Program helps disabled find job placement


Challa Tabeson at work helping people use a computer kiosk to access social services like adult care and mental health treatment at a social services center in San Francisco. He knows how lucky he is to have a job.

"I'm so grateful I can't even tell you here," says Tabeson.

Challa suffers from post traumatic stress and other mental health issues caused by 11 years of living on the street and a brutal beating with a 2x4 from a man who was trying to rob him.

"Having some guy hit you with at 2x4 in the head, imagine what that does to the memory. It just wipes out everything," says Tabeson.

Employers weren't hiring anyone -- especially disabled people and Challa had all but given up, until he stumbled into a program run by San Francisco's Community Vocational Enterprises.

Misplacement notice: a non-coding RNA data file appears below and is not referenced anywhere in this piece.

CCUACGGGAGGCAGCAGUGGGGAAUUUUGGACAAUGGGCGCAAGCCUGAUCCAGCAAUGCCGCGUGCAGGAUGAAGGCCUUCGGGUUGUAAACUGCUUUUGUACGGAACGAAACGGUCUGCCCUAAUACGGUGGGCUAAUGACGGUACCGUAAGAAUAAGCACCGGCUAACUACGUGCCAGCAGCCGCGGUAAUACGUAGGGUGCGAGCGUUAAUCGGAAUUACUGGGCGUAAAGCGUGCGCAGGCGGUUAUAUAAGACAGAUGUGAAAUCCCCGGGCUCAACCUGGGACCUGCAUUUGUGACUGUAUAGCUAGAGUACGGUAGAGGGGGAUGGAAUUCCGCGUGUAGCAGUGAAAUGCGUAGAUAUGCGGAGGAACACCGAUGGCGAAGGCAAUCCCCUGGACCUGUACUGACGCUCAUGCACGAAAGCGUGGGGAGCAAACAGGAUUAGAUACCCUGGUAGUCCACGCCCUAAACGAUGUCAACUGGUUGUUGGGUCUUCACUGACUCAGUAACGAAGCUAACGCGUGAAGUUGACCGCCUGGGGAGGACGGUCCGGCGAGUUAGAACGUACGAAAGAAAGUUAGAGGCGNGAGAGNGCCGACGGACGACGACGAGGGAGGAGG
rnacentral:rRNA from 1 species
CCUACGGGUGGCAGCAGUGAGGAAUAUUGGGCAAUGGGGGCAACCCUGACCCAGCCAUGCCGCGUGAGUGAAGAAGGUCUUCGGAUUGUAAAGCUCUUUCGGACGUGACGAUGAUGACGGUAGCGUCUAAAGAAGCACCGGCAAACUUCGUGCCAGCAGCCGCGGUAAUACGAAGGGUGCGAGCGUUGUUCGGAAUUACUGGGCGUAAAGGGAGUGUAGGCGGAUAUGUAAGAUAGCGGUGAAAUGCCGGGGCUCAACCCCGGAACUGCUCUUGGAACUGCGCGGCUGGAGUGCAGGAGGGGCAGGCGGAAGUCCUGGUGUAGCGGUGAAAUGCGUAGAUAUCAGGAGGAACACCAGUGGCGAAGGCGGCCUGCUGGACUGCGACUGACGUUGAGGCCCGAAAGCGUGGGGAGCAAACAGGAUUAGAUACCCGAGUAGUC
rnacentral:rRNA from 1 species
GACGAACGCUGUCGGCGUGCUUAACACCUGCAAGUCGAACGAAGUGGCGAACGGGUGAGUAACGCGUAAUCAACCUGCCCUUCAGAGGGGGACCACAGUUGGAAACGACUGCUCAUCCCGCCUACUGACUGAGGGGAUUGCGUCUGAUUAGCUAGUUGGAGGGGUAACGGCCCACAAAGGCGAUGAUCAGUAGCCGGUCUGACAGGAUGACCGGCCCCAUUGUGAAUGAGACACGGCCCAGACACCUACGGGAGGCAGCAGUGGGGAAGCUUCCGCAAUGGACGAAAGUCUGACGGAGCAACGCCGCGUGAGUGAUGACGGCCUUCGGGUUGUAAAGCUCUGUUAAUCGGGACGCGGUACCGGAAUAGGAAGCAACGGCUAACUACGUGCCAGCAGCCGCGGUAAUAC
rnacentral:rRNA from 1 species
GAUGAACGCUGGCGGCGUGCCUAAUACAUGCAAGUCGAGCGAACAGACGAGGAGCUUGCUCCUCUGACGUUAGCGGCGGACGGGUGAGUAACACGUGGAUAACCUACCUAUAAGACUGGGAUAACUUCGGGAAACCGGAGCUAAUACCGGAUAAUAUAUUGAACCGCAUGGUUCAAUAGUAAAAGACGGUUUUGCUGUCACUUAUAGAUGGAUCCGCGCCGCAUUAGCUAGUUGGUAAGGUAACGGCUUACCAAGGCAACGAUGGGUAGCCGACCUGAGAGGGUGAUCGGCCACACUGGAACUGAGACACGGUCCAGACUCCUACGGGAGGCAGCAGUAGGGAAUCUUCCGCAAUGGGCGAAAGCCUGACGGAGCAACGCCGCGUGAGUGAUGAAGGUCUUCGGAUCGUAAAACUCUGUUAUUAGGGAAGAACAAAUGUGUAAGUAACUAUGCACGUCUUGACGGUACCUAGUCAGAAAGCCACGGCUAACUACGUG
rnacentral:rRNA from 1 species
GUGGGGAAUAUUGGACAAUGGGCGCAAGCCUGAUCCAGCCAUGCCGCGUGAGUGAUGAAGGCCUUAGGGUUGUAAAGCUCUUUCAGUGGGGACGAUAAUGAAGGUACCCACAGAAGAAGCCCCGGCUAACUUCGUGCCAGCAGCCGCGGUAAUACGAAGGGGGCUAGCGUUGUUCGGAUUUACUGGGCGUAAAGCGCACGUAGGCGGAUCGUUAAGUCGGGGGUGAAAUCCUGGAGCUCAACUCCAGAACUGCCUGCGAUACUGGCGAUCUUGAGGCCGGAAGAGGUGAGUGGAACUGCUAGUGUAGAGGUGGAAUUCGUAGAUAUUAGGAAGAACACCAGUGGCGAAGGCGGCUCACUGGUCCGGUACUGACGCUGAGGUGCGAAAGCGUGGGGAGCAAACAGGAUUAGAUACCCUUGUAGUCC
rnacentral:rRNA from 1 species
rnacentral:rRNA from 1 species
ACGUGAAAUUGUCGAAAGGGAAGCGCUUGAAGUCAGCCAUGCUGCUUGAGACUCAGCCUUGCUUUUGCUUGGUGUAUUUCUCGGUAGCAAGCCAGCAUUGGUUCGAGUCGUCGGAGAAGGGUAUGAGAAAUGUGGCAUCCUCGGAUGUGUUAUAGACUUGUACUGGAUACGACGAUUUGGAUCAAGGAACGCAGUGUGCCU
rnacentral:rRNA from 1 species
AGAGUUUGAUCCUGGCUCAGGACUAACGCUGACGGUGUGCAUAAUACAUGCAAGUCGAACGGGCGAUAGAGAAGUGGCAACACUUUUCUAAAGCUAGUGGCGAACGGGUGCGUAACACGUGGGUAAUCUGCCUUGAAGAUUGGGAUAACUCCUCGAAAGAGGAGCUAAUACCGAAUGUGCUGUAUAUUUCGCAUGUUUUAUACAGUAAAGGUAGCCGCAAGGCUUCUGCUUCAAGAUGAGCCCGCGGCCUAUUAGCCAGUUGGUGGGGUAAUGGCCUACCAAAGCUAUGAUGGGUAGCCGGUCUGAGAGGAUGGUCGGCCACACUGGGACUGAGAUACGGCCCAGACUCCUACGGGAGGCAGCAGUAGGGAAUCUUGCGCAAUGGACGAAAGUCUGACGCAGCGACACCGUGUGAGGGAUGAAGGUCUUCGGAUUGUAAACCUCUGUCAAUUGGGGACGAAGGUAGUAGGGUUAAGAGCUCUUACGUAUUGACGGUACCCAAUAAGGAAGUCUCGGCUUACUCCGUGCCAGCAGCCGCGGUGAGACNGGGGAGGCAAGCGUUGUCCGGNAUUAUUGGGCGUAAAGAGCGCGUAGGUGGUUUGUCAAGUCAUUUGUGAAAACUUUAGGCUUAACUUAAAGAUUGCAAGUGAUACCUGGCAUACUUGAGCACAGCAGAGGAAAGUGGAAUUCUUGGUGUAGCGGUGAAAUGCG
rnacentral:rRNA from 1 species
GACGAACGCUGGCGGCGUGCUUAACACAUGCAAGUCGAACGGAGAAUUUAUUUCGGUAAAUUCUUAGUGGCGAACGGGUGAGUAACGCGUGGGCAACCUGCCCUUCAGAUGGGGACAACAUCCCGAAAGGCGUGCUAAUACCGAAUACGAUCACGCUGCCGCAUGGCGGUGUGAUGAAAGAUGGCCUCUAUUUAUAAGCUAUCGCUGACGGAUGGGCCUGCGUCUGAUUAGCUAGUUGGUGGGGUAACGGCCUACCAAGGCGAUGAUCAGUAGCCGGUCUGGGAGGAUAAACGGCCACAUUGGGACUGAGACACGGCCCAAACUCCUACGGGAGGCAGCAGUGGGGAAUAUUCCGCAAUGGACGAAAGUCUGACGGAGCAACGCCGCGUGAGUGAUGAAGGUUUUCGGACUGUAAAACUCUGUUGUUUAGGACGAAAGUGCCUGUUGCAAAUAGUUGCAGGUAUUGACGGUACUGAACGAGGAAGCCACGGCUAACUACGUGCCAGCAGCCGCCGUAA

"The exciting thing is everyone is coming together, I think right now especially in difficult times.The best way to be successful is to collaborate," says Patrick Regan from CVE.

CVE is jointly partnered with the U.S. Department of Labor and the California Employment Development Department. The goal is to help disabled jobseekers get past the roadblocks.

"Employers and people in the community don't realize that people with disabilities are just as capable as other jobseekers and there's a lot of things such as assistive technology out there to help make those individuals successful," says Regan.

"The participants at CVE are extremely skilled workers and are so proud to have a position here with us," says Teri Hedman from Family Services Agency.

That's part of the recovery program for these workers. Four of them have been placed with the city's family services agency and they're doing well.

"I want to work where I can continue my recovery," says Tabeson.

CVE's jobs program is only available in San Francisco.

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